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Copyright and the Constitution

For the first time in 21 years, “new” works have fallen off copyright and into the public domain in the U.S. To honor the occasion I have decided to uploaded Cecil B. DeMille’s classic, The Ten Commandments, to YouTube. This was the first version of the film DeMille’s made, with Theodore Roberts as Moses, and it has long been overshadowed by DeMille’s 1956 epic, of the same name, with Charlton Heston as Moses. In addition to being black and white, and “silent” (music but no synced sound), the biggest difference with this version is that is only spends the first third or so of the film in Ancient Egypt. The rest takes play in present day, 1920s America, where two brothers lives different lives; one according to the Ten Commandments and one not. Can you guess what happens?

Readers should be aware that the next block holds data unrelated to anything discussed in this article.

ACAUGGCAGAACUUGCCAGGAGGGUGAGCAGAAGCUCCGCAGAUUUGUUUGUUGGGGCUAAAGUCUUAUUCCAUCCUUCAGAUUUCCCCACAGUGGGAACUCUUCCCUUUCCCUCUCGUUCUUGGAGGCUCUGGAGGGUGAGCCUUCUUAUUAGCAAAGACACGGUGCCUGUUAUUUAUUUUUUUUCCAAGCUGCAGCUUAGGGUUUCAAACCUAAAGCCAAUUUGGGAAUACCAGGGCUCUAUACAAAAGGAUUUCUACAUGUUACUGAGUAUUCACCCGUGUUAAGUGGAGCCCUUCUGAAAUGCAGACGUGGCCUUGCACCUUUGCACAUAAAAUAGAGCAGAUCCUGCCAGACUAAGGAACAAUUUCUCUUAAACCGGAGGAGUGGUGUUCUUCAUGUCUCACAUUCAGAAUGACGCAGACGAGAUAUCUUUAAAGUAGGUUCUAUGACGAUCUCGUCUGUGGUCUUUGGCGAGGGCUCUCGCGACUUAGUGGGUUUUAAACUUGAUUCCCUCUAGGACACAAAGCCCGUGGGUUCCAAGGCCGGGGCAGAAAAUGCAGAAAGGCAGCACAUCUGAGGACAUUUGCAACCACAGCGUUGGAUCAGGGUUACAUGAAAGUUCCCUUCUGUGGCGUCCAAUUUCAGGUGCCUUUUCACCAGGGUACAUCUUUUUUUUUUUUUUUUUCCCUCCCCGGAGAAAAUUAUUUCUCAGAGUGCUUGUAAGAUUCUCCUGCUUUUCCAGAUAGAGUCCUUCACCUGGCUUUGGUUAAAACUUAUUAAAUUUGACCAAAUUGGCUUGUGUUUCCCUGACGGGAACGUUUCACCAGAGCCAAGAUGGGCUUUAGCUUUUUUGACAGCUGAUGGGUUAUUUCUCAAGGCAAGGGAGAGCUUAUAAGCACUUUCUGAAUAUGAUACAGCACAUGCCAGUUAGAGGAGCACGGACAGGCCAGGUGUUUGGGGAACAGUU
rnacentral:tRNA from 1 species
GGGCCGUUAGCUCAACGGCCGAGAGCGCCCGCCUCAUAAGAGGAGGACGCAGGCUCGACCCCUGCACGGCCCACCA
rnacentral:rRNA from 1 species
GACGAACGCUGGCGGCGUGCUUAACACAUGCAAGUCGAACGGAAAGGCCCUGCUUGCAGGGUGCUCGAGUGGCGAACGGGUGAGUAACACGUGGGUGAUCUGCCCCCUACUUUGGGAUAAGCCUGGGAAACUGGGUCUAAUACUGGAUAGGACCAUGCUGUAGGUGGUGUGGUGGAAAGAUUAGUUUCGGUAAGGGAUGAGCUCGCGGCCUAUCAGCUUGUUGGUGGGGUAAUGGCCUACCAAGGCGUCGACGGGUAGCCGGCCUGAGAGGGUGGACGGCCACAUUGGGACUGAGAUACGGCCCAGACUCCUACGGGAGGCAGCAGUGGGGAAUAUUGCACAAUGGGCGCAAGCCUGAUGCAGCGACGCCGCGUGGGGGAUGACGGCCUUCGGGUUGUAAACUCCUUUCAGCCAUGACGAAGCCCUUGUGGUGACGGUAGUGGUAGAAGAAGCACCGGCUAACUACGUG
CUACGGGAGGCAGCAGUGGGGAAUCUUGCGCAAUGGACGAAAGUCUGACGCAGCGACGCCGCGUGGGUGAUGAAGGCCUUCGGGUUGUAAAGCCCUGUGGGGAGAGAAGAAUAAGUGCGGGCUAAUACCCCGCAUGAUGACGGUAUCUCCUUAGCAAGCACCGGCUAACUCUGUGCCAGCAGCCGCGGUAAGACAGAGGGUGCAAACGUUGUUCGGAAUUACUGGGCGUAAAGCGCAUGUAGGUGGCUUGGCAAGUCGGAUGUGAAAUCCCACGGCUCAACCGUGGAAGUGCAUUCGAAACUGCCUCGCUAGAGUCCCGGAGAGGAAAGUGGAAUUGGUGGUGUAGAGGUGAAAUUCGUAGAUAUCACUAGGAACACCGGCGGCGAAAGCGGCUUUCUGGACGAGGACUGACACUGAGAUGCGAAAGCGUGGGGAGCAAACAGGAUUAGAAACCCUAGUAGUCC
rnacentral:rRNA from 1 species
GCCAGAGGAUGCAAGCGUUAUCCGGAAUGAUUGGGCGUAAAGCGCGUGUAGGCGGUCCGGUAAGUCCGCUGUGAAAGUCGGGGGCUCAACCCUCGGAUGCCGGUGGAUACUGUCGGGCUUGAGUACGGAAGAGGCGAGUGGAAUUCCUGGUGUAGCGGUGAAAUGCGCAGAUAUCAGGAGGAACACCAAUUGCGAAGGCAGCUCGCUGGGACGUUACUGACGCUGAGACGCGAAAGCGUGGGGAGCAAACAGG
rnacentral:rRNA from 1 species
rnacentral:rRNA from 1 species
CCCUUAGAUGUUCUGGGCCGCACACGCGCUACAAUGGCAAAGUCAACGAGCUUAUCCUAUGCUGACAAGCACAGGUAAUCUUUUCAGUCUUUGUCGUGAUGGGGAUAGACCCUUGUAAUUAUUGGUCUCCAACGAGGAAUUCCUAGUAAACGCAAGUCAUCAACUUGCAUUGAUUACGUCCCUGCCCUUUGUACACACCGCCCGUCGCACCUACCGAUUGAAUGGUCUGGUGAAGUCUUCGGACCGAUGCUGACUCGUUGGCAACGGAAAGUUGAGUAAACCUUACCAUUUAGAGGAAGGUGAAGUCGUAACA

I upload this file to YouTube last night and immediately was flagged by one of their automated systems for violating the copyright of Paramount Pictures. The funny part is that I was told Paramount owned the “Audiovisual content” from 5 seconds into the film until 54 minutes and 23 seconds, which seemed very arbitrary and absurd, on top of the fact that it was simply wrong. But, I was not surprised. YouTube’s mechanisms of identifying content and defence of creators often seem to be lacking (a case in point). Fortunately, once an actual human being at Paramount looked at my counter argument, they released the hold on my upload, This only took about 10 hours, which is much better than the 30 days that they could have waited before responding, under YouTube’s rules. Thirty days in which I would be presumed guilty and unable to post my video.